This course is the optional 3rd term extension of the Research in Molecular Genetics run in conjunction with the Seung Kim Laboratory at the Stanford University School of Medicine. It will allow students to continue their individual projects in a mainly lab-based setting. This includes fruit fly larval brain dissection and fluorescent microscopy to characterize the transgenic fly line created in SC574. To sign up for this course, the student must have taken the Research in Molecular Genetics course held in the fall and winter terms. Grants: Honors NCAA; Terms: T3; Forms: IV or V; Prerequisites: SC574 and Departmental approval. Preference will go to rising fifth form students who have completed one year of a 500 level science course.
This one-term course is offered annually during the winter. Molecular systematics is the use of DNA sequence data to study the evolution of relationships among individuals and species. Students will engage in a research project based on the generation of original DNA sequence data to provide insights into the evolutionary history of tropical plants. Specimens used for this course originated from field-expeditions carried out by Lawrentians to the Neotropics. Students will become proficient in gel electrophoresis and PCR. The class will combine matrices from original data generated during labs and incorporate publicly available sequence data from GenBank. Additional skills covered in the course include sequence alignment and the generation of evolutionary trees. The term-end goal of this course is the generation of a phylogenetic hypothesis to evaluate current classifications. Insights from previous projects have discovered new species to science and formed the basis for current generic concepts of poorly known plant groups. Grants: Honors; Terms: T2; Forms: IV or V, and Department Approval.
This one-term course is offered annually during the spring. The objective of this course is to promote local flora and fauna using modern methods in taxonomy and biodiversity. Students will develop skills in digital photography using a DSLR. Students will develop a collaborative research project, including how to conduct a literature search to identify and refine a research question, develop testable hypotheses, conduct background research, and implement a field project. Taxonomic and biodiversity databases will allow students to develop an understanding of local biodiversity. An essential goal of this course is developing skills in reaching out to a broader community of systematists to increase and enhance our understanding of local flora and fauna. This course incorporates primary literature in systematics and biodiversity. Grants: Honors; Terms: T3; Forms: IV or V, and Department Approval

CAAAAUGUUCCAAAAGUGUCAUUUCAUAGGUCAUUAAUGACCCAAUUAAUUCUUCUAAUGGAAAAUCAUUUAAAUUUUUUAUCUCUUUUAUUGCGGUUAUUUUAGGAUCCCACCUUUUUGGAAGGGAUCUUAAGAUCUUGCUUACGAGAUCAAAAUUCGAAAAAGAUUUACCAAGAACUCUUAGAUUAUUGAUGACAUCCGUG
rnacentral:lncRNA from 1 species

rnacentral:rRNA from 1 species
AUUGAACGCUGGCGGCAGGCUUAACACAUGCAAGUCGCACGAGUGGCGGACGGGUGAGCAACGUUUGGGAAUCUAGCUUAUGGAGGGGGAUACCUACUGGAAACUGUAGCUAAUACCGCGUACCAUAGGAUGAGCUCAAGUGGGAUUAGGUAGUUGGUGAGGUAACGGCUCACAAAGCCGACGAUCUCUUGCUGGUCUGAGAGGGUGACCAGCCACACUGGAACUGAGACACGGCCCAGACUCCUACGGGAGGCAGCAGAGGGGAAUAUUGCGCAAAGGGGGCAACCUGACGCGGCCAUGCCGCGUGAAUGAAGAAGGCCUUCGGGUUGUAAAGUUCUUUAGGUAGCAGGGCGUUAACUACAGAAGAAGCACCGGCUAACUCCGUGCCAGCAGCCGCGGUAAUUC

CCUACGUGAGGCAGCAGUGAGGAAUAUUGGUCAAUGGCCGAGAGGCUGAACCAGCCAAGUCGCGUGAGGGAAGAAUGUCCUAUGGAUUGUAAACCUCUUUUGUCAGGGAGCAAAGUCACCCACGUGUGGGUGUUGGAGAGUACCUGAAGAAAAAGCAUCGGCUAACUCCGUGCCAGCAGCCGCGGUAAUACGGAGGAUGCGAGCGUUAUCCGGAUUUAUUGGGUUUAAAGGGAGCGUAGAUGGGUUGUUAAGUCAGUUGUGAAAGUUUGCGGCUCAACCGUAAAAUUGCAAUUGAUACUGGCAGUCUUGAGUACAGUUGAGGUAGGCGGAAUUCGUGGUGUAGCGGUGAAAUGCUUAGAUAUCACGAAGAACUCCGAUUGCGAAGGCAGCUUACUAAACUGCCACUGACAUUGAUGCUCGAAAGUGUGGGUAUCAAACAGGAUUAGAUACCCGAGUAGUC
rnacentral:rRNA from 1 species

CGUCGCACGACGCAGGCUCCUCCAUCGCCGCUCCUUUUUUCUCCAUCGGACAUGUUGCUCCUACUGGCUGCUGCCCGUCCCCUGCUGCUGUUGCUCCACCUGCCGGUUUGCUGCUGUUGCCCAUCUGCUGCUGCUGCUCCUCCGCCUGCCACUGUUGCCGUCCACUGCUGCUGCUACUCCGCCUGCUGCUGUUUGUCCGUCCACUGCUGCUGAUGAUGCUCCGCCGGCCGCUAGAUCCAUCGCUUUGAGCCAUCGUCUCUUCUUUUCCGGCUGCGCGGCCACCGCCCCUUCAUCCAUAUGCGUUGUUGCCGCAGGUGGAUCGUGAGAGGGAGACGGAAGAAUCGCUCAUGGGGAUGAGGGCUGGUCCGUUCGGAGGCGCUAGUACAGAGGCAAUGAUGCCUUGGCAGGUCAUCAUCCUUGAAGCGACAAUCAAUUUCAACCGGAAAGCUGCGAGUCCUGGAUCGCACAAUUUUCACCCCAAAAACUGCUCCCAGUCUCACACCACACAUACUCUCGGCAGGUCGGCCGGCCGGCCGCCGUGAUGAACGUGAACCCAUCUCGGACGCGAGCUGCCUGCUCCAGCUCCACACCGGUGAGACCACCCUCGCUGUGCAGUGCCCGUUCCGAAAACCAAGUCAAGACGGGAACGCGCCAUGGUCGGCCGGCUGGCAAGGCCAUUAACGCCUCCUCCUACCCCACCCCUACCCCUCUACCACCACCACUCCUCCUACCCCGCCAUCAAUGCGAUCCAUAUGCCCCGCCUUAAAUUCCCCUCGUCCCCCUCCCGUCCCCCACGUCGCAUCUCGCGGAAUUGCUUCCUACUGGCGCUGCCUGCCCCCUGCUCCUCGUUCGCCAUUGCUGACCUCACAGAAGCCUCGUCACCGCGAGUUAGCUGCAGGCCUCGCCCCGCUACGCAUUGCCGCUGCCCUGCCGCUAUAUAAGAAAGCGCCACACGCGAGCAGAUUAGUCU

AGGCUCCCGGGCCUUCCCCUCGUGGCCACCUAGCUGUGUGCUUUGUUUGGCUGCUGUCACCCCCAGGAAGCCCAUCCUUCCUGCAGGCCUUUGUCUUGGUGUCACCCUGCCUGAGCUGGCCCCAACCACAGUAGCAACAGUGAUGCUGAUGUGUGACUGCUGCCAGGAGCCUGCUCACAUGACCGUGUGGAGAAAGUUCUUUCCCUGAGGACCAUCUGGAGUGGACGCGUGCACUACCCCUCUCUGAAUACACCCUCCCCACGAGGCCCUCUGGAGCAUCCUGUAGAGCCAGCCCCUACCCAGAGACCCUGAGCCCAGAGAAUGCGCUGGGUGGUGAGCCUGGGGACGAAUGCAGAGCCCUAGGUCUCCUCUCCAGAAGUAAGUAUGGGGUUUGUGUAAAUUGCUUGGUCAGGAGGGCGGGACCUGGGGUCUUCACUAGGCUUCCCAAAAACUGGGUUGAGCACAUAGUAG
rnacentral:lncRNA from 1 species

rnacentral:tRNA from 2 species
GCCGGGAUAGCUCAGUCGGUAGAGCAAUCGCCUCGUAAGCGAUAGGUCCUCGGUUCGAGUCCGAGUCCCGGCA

This course increases student knowledge of the scientific concepts and skills that can be applied to today's environmental challenges by connecting a variety of disciplines, including biology, geology, chemistry, meteorology, and physics. During the fall term, students focus on the study of the biosphere through units on population, community, and ecosystem dynamics and begin to consider how humans affect ecosystems. In the winter, students learn about Earth's physical systems, including the hydrosphere, atmosphere, and geosphere. In the spring, we connect this foundation in environmental science to the study of anthropogenic impacts on Earth systems, culminating in an independent research project. Grants: Honors NCAA; Terms: All; Forms: IV or V Prereqs: SC325 and Department Approval
How do you learn? Why do you remember your favorite song lyrics but struggle to remember important details for your upcoming test? To help you answer these questions and more, this course will help you to develop fundamental understandings of memory, attention, neuroscience, and cognitive psychology. In the pursuit of these understandings, you will read primary literature and conduct psychological lab activities. Furthermore, you will learn to apply these ideas to personal academic life and important considerations beyond the classroom. Having discussed these topics as a class, you will then pursue an individual interest in the field of learning and memory through a significant independent research project. Grants: Honors NCAA; Terms: T2; Forms: IV or V; Prereqs: SC325 and Department Approval
Students interested in original laboratory research in science should submit a proposal and enlist the support of a science faculty member to apply for this course. All projects must be approved by the Department Chair and the Dean of Academics. Research can be completed on or off campus at a local university or in industry. Students will meet weekly with their faculty mentor and complete an advanced course load (10-12 hours/week). Final oral and poster presentation is required at the end of term poster session. Grants: Honors; Terms: All; Forms: IV or V; Prereqs: Completion of three terms of a 500 level course and Department Approval